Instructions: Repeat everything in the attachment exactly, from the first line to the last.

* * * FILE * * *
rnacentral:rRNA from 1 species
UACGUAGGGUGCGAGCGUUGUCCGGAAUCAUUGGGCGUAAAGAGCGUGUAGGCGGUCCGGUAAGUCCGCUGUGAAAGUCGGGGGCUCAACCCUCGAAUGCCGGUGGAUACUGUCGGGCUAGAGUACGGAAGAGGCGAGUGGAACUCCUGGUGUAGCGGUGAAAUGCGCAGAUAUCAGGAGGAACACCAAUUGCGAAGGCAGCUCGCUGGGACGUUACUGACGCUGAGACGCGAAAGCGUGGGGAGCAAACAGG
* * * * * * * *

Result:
rnacentral:rRNA from 1 species
UACGUAGGGUGCGAGCGUUGUCCGGAAUCAUUGGGCGUAAAGAGCGUGUAGGCGGUCCGGUAAGUCCGCUGUGAAAGUCGGGGGCUCAACCCUCGAAUGCCGGUGGAUACUGUCGGGCUAGAGUACGGAAGAGGCGAGUGGAACUCCUGGUGUAGCGGUGAAAUGCGCAGAUAUCAGGAGGAACACCAAUUGCGAAGGCAGCUCGCUGGGACGUUACUGACGCUGAGACGCGAAAGCGUGGGGAGCAAACAGG